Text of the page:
Can I get a driver's license in another state to avoid getting my driver's license revoked?
No. While many people believe they can just apply for a driver's license in another state following their DMV revocation, this is not actually the case. Nevada will notify your home State, and vice versa, about your revocation via the Interstate Drivers' License Compact.
How many points is a revoked license?
A revoked license does not provide any additional “points” to a person's driving record. However, the underlying cause for the revocation can be a point based offense. Once a revocation happens, the person revoked simply does not have a license for the time allotted. No additional points are added for the revocation.
Can I avoid having points on my driver's license?
All moving violations come with “points” attributable to your driving record. An accumulation if 12 points in a matter of 12 months will result in a license suspension for six (6) months. A DUI conviction results in an automatic revocation of your driving privileges independent of the point system. In many cases, an adept Nevada DUI Attorney can work to find issues with your case in which a DUI charge can be amended to a Reckless Driving (8) or Careless Driving (6) charge and a DMV can be kept off your record. Moving violations and their respective point values are as follows:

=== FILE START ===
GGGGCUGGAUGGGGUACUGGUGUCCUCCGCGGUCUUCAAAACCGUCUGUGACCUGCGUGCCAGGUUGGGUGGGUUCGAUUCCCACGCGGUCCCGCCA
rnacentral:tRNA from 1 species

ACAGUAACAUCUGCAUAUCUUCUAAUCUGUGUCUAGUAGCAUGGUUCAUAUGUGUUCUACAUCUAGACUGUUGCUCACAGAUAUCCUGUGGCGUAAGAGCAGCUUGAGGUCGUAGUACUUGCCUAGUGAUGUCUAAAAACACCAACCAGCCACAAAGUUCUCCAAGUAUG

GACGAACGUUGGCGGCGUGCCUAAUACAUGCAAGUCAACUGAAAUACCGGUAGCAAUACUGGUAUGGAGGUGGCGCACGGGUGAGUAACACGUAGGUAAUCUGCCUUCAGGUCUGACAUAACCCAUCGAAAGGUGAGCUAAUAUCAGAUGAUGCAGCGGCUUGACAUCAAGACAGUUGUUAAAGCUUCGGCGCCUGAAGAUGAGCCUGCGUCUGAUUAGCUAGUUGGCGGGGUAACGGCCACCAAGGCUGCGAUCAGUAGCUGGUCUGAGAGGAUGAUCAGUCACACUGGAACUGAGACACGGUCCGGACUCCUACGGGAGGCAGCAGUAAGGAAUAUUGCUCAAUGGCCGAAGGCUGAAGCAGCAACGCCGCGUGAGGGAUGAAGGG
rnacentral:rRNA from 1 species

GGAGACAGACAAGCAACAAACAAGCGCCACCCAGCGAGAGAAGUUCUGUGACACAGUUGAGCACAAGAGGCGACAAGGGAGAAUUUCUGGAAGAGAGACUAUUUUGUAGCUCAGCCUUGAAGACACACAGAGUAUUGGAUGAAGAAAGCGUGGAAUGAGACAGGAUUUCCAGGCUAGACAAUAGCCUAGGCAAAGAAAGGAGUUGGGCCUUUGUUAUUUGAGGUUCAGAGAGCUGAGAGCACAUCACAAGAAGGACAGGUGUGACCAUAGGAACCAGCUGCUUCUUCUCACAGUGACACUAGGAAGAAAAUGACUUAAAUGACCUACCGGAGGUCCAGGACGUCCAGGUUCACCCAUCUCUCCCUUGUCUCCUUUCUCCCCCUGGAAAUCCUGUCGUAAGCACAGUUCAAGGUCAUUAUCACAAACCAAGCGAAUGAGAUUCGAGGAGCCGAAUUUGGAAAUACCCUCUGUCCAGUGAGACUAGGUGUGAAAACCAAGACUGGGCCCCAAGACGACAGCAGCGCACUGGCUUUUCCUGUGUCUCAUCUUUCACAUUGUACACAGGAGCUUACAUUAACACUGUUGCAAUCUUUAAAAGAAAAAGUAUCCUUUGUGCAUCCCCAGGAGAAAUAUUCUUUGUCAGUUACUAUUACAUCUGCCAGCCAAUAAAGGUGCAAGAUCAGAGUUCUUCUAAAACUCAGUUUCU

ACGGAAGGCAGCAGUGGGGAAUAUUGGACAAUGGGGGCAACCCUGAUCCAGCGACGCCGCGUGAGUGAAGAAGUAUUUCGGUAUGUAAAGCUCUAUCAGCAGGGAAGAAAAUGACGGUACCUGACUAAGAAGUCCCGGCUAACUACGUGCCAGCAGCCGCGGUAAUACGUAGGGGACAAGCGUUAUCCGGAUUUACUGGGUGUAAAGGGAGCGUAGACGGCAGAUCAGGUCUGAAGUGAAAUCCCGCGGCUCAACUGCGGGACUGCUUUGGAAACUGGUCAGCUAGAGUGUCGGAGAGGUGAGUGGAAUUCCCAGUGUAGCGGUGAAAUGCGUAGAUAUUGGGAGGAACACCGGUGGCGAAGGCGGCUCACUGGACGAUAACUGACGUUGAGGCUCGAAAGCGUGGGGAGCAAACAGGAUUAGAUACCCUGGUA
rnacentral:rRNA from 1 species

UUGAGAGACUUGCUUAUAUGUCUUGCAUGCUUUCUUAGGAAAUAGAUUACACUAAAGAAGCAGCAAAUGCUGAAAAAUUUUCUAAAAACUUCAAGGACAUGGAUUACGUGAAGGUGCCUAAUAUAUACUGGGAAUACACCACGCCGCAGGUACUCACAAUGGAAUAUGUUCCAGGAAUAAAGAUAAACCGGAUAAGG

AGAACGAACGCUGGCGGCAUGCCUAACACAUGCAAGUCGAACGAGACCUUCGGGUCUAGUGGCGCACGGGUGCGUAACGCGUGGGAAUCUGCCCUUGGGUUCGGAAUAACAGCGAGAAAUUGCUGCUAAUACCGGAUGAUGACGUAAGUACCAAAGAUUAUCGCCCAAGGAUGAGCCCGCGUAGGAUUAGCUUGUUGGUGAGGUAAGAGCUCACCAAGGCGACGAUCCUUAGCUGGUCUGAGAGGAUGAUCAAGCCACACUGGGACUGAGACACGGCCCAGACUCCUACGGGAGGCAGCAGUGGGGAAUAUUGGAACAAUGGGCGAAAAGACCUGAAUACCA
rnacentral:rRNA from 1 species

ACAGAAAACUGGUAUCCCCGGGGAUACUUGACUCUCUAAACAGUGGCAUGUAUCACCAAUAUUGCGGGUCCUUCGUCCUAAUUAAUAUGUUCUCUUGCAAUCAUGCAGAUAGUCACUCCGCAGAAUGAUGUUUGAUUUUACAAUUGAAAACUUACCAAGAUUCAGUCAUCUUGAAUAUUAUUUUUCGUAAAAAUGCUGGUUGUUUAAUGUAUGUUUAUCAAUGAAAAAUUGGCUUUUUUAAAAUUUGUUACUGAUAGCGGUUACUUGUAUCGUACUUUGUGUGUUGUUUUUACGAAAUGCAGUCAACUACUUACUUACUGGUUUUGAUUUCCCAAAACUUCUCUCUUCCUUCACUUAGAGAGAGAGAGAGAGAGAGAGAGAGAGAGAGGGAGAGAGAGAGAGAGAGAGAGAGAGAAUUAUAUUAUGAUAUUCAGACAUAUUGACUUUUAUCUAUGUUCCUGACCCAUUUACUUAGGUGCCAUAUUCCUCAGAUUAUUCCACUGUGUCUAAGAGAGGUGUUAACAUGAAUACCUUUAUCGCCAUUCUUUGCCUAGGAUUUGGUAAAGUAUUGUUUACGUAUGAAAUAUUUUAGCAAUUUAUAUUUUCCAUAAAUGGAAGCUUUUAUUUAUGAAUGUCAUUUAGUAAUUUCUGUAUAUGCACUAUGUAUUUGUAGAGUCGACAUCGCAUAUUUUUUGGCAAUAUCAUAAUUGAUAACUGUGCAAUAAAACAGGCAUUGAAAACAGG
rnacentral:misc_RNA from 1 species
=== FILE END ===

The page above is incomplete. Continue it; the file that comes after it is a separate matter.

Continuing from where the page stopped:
- Reckless Driving: 8 points
- Careless Driving: 6 points
- Failure to give information or render aid at the scene of an accident: 6 points
- Following too closely: 4 points
- Failure to yield right-of-way: 4 points
- Passing a school bus when signals are flashing: 4 points
- Hand-held cellphone use or texting (2nd and subsequent offenses): 4 points
- Disobeying a traffic signal or stop sign: 4 points
- Speeding violations
- 1-10 mph over posted limit: 1 point
- 11-20 mph over posted limit: 2 points
- 21-30 mph over posted limit: 3 points
- 31-40 mph over posted limit: 4 points
- 41 mph or more over posted limit: 5 points
- Prima Facie speed violation or driving too fast for the conditions: 2 points